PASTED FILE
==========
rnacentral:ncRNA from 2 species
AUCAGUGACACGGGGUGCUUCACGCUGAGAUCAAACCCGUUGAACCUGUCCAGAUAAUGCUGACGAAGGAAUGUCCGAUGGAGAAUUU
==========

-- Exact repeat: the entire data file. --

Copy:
rnacentral:ncRNA from 2 species
AUCAGUGACACGGGGUGCUUCACGCUGAGAUCAAACCCGUUGAACCUGUCCAGAUAAUGCUGACGAAGGAAUGUCCGAUGGAGAAUUU